As of 2022, the Behavior Analyst Certification Board will open up the BCBA process to allow master’s degree holders from fields outside of education, applied behavior analysis, or psychology to apply. That means If you hold a social work degree, you will also soon be eligible to sit for the examination required to earn the BCBA credential.

You will still need the requisite experience in supervised fieldwork, and at least 315 hours of coursework in behavior analysis through a program offering an ABAI-approved Verified Course Sequence (VCS). The VCS ensures that you education in behavior analysis will align directly with the most up-to-date practices and theories in the field, giving you skills in discreet trial training, functional behavior assessment, and other valuable behavioral interventions.

Salary for Child Welfare Caseworkers

As jobs predominantly found with government agencies, CWC positions usually enjoy solid salaries and benefits, with well-defined pay progressions. These are usually reflected in job titles, where a CWC I can expect to make less than a CWC III. Positions with non-profits or other private agencies may have other titles and salary expectations.

Below are a number of positions, together with their starting salary ranges, as found on various internet job sites in November of 2019, such as GovernmentJobs.com, as well as listings found directly on hiring agency sites:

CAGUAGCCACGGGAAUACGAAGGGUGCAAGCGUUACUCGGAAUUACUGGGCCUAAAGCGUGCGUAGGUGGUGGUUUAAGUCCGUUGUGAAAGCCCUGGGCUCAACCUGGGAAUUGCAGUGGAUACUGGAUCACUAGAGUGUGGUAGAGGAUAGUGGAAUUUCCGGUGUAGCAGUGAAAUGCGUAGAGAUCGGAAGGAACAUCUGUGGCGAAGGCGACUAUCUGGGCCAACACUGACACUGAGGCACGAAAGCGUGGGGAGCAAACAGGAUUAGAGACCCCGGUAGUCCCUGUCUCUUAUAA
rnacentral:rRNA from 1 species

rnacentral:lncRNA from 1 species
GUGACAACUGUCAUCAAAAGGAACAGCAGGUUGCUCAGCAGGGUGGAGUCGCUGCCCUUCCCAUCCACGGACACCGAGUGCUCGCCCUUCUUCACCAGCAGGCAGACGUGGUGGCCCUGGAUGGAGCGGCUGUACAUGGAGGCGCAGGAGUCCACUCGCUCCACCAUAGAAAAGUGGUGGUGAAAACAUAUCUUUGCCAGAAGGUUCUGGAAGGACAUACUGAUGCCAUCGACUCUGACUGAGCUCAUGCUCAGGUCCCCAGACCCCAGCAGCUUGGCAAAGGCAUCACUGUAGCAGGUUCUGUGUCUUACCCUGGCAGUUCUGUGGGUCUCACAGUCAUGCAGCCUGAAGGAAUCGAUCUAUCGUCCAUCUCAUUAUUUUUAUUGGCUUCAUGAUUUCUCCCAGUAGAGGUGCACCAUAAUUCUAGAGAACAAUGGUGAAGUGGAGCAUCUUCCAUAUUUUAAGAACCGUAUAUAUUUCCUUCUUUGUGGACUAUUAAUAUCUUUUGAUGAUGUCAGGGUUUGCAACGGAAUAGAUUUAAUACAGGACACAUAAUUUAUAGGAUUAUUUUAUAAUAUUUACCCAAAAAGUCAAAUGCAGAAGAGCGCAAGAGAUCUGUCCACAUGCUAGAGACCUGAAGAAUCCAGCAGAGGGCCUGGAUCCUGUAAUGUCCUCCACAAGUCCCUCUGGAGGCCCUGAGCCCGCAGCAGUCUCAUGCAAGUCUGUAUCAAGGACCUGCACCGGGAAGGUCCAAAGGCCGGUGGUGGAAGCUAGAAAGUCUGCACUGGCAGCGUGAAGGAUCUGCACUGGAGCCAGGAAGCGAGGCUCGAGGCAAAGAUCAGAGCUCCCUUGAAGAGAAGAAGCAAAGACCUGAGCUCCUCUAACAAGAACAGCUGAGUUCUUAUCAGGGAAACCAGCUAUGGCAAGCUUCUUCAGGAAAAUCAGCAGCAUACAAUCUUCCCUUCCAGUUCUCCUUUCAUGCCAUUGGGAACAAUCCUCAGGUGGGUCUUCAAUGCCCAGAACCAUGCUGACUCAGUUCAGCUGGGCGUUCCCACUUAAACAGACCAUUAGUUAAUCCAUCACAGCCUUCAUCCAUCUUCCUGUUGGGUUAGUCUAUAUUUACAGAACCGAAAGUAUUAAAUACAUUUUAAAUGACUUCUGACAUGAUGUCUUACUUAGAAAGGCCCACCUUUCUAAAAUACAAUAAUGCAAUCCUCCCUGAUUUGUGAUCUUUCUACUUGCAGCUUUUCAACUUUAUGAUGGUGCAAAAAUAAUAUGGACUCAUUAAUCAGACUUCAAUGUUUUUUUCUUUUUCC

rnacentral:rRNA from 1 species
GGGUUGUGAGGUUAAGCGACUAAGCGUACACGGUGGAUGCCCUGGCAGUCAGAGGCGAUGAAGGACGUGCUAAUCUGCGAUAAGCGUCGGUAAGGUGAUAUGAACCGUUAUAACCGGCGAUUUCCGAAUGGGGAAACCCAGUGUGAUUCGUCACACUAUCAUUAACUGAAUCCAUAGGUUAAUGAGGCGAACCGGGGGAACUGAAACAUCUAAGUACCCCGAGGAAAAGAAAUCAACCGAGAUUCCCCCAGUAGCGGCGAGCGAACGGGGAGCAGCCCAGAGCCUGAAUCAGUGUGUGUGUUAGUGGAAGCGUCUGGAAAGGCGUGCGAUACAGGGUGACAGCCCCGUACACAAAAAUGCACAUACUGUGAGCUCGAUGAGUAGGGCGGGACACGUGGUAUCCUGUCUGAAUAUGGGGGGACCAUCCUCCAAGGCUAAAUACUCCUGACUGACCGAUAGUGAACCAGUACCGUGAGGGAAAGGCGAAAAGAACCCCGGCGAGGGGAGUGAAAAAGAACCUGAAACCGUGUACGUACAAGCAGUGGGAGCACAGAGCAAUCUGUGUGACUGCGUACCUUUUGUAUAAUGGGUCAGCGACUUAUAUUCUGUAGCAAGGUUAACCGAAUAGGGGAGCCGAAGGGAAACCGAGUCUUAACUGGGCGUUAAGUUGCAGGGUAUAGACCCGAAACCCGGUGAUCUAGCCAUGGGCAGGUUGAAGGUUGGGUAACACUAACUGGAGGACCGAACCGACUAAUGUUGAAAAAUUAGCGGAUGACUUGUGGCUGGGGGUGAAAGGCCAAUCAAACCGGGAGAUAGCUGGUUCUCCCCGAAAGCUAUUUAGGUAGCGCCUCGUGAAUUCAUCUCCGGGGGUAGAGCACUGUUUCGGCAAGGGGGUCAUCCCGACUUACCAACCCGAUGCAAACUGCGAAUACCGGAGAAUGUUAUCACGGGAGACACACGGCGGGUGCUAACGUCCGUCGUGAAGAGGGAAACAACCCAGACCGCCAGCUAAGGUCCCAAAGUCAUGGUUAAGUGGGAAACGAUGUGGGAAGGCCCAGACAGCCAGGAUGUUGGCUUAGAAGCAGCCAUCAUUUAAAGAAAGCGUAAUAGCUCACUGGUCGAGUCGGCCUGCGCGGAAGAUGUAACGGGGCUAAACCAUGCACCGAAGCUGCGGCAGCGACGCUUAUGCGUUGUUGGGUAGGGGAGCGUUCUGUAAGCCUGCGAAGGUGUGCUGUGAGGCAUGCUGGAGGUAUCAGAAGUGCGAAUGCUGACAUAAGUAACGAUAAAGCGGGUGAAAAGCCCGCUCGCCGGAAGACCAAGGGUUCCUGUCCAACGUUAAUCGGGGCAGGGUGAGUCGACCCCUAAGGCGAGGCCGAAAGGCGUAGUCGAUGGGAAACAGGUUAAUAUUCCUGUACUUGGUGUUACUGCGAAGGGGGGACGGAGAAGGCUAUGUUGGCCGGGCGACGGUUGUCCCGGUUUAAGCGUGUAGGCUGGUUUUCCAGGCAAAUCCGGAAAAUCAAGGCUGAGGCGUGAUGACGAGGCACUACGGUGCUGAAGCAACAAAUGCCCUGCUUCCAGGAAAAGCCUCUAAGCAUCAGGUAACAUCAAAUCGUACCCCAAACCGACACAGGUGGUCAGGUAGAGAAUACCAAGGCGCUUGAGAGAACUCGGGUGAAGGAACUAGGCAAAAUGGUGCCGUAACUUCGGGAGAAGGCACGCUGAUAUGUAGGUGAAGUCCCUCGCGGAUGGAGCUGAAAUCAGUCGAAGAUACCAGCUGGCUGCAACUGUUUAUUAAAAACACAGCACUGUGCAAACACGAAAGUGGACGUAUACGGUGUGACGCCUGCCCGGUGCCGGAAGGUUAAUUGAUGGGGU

• Child Welfare Caseworker – Glove House, Waterloo, NY – $32,000-$34,500/yr
  • Child Welfare Caseworker I/II – Montrose County, Montrose, CO – $18.46-$23.00/hr
  • Child Welfare Caseworker I-III – Franklin County Children Services, Columbus, OH – $37,752 (CWC1)-$40,851/yr(CWC3)
  • Social Caseworker – Larimer County Child Protection, Fort Collins, CO – $23.42-$25.77/hr
  • Social Service Specialist – Oregon Department of Human Services, Roseburg, OR – $3,743-$5,454/mo
  • Caseworker – Office of Children and Youth, Norristown, PA – $42,709/yr

The U.S. Bureau of Labor Statistics also tracks child welfare caseworker salaries under the general category of Child, Family, and School Social Workers (together with other social work jobs). In 2018, the annual median wage for those jobs was $44,380.

Pay can vary considerably with location, however. Connecticut and New Jersey were the top paying states for the category, with annual mean wages of over $66,000 per year.

Most caseworkers find that their greatest compensation, however, is in making sure that kids who otherwise don’t have much of a chance in life get a shot at a safe and normal childhood through their efforts.

 

Salary and employment data compiled by the United States Department of Labor’s Bureau of Labor Statistics in May of 2018. Figures represent accumulated data for all areas of employment for Child, Family, and School Social Workers (https://www.bls.gov/oes/2017/may/oes211021.htm). BLS salary data represents state and MSA (Metropolitan Statistical Area) average and median earnings for the occupations listed and includes workers at all levels of education and experience. This data does not represent starting salaries. Employment conditions in your area may vary.

Individual job listings with educational requirements and salary information accessed directly from internet job boards and directly from the sites of employing agencies and do not constitute offers of employment.

All salary and job growth data accessed in November 2019.